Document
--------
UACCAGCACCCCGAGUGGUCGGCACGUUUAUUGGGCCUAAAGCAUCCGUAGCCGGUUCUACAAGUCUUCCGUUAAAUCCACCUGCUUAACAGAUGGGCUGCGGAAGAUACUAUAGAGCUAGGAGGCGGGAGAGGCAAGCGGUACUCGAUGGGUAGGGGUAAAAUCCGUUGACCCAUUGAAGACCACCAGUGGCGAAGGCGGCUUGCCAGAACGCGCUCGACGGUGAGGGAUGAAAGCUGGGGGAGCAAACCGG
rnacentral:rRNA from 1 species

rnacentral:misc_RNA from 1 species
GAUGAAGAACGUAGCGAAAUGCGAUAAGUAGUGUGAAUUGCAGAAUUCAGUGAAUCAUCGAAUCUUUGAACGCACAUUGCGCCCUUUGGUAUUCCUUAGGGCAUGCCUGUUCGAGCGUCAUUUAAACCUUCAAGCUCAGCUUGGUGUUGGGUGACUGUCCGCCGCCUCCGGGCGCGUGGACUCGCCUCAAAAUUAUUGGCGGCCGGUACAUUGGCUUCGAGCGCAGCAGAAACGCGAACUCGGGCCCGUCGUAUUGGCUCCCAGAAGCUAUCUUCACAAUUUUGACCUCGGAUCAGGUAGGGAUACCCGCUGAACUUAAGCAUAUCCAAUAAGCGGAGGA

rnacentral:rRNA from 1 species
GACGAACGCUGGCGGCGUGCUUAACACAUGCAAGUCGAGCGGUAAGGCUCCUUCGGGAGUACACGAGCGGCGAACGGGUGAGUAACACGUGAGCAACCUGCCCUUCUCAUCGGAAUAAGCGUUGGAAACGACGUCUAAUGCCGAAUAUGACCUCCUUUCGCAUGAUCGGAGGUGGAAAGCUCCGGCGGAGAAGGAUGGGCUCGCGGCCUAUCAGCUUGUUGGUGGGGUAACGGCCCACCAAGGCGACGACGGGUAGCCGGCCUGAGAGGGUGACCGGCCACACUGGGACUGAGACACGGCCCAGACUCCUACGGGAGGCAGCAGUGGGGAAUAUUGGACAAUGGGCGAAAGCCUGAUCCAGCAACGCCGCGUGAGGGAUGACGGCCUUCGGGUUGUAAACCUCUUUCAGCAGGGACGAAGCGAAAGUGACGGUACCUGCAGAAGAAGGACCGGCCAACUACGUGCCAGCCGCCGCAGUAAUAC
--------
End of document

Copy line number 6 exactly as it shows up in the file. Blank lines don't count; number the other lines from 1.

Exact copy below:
GACGAACGCUGGCGGCGUGCUUAACACAUGCAAGUCGAGCGGUAAGGCUCCUUCGGGAGUACACGAGCGGCGAACGGGUGAGUAACACGUGAGCAACCUGCCCUUCUCAUCGGAAUAAGCGUUGGAAACGACGUCUAAUGCCGAAUAUGACCUCCUUUCGCAUGAUCGGAGGUGGAAAGCUCCGGCGGAGAAGGAUGGGCUCGCGGCCUAUCAGCUUGUUGGUGGGGUAACGGCCCACCAAGGCGACGACGGGUAGCCGGCCUGAGAGGGUGACCGGCCACACUGGGACUGAGACACGGCCCAGACUCCUACGGGAGGCAGCAGUGGGGAAUAUUGGACAAUGGGCGAAAGCCUGAUCCAGCAACGCCGCGUGAGGGAUGACGGCCUUCGGGUUGUAAACCUCUUUCAGCAGGGACGAAGCGAAAGUGACGGUACCUGCAGAAGAAGGACCGGCCAACUACGUGCCAGCCGCCGCAGUAAUAC